Microsoft Issues 4 New Security Bulletins

Microsoft Corp. unleashed a barrage of three critical security alerts to its Security Bulletin subscribers on Thursday night. Microsoft also warned users late Wednesday of a moderate vulnerability in SQL Server.

The critical vulnerability bulletins address problems in Commerce Server, Microsoft XML Core Services and Internet Explorer.

Commerce Server

An unchecked buffer in Commerce Server can allow an attacker to run code of her choice on the affected Web server, creating a critical vulnerability for Internet and intranet servers running Microsoft's e-commerce server.

The vulnerability involves an interaction between Commerce Server and IIS, although Microsoft assures customers that the problem does not extend to IIS servers running without Commerce Server.

The bulletin is available here:

Microsoft XML Core Services

Microsoft XML Core Services (MSXML) are included in SQL Server 2000, Internet Explorer 6.0 and Windows XP. MSXML has also been available for separate download on other Microsoft products.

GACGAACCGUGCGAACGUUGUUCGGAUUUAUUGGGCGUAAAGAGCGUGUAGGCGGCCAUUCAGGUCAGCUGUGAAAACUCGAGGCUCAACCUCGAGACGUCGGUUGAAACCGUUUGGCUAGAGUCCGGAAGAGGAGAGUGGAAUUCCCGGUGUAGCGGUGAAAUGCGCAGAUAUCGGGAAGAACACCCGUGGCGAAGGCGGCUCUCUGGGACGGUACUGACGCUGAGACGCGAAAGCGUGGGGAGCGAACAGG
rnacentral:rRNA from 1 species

The vulnerability involves an MSXML-related ActiveX control called XMLHTTP. The greatest risk from this vulnerability is to a client system. By enticing a user to visit a specially created Web page, an attacker can access information on the client system.

The bulletin is available here:

Internet Explorer

A flaw in the way Internet Explorer handles Visual Basic scripts with regard to frames enables an information disclosure vulnerability. As with the Microsoft XML Core Services vulnerability, this one requires an attacker to lure a user to a specially written Web site.

The bulletin is available here:

SQL Server

A less serious vulnerability affects SQL Server. Its effects would be serious -- running code of an attacker's choice. But it is apparently a more difficult attack to conduct than the Commerce Server attack.

The vulnerability involves an unchecked buffer in the handling of connections to seldom-used external data sources.

The bulletin is available here:

About the Author

Scott Bekker is editor in chief of Redmond Channel Partner magazine.


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